New York Yankees manager Aaron Boone was ejected yet again on Sunday against the Cincinnati Reds, but his argument may have been justified.
It was the bottom of the first inning at Great American Ball Park in Cincinnati when rookie outfielder Jake Bauers had trouble trying to catch a ball down the right-field line while on the run. He slid and made contact with the ball, but first base umpire Nestor Ceja called the ball foul.
Reds infielder Jonathan India was on first base when the ball was hit, and with two outs, he was booking it around the basepaths in an attempt to score. India ended up crossing the plate, but with the ball called foul, he had to go back to first base.
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However, the Reds challenged the ruling on the field, and it was determined that Bauers made contact with the ball in fair territory, meaning the ball was in play.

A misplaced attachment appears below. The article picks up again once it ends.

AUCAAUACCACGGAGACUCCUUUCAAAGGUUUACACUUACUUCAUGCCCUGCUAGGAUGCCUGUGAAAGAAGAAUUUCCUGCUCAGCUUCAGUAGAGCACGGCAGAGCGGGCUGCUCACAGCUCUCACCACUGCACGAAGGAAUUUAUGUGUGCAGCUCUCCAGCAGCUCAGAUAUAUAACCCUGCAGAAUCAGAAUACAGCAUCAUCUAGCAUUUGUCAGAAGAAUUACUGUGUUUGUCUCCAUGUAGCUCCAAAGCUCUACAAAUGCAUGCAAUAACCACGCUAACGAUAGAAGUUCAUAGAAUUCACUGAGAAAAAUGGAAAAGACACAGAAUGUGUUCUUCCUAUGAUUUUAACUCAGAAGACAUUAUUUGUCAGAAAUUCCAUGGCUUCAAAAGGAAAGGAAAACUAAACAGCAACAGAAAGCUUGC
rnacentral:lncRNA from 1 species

Boone wasn’t arguing that fact but rather crew chief Brian O’Nora’s ruling that India was allowed to score, giving the Reds an early 1-0 lead. Spencer Steer, who hit the ball, was given an RBI while going to second base with a double.
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The Yankees’ skipper was quick to leave the dugout to argue with the umpiring crew, and O’Nora was quick to turn outside and throw his hand in the air for the ejection. Managers are not allowed to argue replay decisions, overturned or not, so Boone’s tossing was coming no matter what he said.
But he certainly got his money’s worth in his 29th ejection of his career.
He was also ejected in the previous series with the Toronto Blue Jays for arguing balls and strikes in what came to be a controversial at-bat for Aaron Judge.
Ultimately, the Yankees were able to overcome the early deficit, sweeping the Reds to win their fourth game in a row.
It was Luis Severino’s first start of the season as well, working 4.2 innings with just that run allowed on four hits. He struck out five hitters while walking just one.
Albert Abreu, Jimmy Cordero, Wandy Peralta and Clay Holmes came out of the bullpen and didn’t allow a single run. Abreu, Cordero and Peralta didn’t give up a hit either.
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